Loudoun County in Virginia voted 6-3 to support the initiation of the study Tuesday after it was suggested by supervisor Juli Briskman.
Speaking to Fox5 about her proposal, Briskman said: "The anti-CRT (critical race theory) movement is much more about 'today' and what we're teaching today. And my board member initiative is looking back at potential harm that was because we operated segregated schools illegally against the ruling of Brown vs. the Board of Education."
Briskman was citing Loudoun County's choice to keep segregating schools until 1968, a full 14 years after the landmark 1954 Brown V Board of Education ruling that doing so was unconstitutional.
In 1956, Loudoun County approved a Constitutional amendment to direct funds towards paying for white children to attend private schools so they could avoid attending segregated schools.
The same month, the board declared a resolution preventing funding for desegregated schools. That was abolished in 1962, although Loudoun County schools didn't ultimately mix until 1968. The board previously excused its past behavior in September 2020.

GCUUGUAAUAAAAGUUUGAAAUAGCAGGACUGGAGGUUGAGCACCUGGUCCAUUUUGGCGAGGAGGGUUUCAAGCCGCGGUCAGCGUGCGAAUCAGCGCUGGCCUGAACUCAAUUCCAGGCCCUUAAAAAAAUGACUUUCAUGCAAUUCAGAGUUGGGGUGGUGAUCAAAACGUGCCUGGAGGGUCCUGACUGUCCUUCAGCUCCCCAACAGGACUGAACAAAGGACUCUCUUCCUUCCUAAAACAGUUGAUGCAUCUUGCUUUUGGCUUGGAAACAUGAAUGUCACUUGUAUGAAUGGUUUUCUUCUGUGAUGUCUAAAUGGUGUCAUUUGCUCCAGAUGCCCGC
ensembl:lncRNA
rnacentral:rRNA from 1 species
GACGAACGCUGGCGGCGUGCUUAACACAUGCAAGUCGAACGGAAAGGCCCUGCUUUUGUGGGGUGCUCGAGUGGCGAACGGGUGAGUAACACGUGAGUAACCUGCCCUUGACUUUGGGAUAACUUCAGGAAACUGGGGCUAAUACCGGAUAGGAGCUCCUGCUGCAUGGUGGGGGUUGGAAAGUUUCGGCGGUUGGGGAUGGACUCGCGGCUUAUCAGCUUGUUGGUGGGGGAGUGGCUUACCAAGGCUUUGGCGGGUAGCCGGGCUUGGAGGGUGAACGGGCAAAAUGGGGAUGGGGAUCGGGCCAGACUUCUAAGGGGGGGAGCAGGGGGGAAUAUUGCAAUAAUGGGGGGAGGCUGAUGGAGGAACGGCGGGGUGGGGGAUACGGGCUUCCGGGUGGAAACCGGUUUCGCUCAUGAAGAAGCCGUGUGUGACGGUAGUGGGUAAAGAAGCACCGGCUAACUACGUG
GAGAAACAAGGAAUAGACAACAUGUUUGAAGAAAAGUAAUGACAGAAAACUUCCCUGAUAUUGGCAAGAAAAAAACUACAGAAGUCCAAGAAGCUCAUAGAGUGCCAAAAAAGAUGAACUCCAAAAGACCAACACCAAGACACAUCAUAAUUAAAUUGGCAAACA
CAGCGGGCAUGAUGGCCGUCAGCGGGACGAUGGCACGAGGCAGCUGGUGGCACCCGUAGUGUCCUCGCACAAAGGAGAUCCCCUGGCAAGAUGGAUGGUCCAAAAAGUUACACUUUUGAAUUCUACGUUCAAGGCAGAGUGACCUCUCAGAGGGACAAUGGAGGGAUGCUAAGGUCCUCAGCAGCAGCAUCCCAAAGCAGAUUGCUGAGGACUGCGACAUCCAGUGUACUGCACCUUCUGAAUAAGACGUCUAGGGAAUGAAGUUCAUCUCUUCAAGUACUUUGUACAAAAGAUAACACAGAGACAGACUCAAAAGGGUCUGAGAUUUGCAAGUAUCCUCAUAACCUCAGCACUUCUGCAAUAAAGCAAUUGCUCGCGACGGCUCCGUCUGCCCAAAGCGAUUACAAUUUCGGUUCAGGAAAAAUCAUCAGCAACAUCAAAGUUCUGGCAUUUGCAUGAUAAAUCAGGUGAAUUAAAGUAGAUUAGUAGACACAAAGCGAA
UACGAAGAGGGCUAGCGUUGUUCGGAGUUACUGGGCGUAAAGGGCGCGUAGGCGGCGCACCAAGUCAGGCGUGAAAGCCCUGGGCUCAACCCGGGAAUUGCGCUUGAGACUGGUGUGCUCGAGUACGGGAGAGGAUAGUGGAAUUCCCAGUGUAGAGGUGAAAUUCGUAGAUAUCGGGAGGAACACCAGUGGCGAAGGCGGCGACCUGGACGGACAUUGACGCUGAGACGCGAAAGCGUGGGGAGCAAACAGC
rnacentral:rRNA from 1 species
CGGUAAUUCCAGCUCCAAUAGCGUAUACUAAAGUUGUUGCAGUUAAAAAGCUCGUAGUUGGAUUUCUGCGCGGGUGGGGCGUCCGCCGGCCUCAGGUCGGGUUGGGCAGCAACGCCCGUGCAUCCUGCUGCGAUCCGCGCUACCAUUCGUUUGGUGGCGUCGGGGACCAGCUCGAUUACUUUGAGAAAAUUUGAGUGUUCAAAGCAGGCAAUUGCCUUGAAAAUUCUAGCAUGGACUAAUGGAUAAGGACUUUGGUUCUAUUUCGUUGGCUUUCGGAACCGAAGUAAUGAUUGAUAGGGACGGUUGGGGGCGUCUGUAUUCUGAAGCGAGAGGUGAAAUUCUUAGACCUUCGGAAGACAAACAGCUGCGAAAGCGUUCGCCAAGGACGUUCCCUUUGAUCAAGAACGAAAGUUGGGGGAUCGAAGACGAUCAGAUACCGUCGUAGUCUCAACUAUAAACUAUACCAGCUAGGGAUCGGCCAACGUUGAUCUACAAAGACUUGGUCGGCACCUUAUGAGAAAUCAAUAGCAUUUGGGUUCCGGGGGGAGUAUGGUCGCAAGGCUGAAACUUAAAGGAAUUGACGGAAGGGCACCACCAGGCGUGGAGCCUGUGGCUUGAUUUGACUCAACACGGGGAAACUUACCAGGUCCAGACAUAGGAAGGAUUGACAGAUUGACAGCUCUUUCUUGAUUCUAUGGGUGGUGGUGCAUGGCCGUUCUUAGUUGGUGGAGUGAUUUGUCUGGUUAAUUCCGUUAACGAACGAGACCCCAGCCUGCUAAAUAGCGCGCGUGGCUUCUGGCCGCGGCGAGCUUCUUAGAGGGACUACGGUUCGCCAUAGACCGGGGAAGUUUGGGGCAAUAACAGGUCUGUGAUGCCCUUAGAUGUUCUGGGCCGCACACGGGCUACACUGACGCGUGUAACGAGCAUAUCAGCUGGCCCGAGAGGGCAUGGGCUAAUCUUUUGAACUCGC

The subject will now be passed to a joint committee made of members from the Board of Supervisors and School Board which will then partner with the black community to recommend solutions.
If the board eventually does decide to pay reparations, it remains unclear who will take the money, and how much will be paid to recipients.
Briskman claimed there is proof that the Board of Supervisors and School Board prevented black students from getting the same level of education as white students for nearly fourteen years after the US Supreme Court ruling.
She said the evidence includes the Board of Supervisors' 1956 vote in favor of a suggested amendment to Virginia's Constitution to allow the use of public funds for private schools. Briskman said the proposal was introduced to make private education more cost-efficient for white families who did not want their children attending integrated public school systems.
There also seems to be evidence of action taken to block funding and prohibit improvements to black schools.
Briskman was also asked about board meeting clashes over the teaching of critical race theory at Loudoun County but suggested it was being used as a wedge issue to energize locals to vote in the 2022 midterm elections.
She explained: "I would just encourage our joint committee or whatever commission comes out of this to just ignore the outside noise because what's happening in (neighboring) Fairfax and Loudon County, in many ways has little to do with us and more to do with 'message testing' for the 2022 elections and beyond."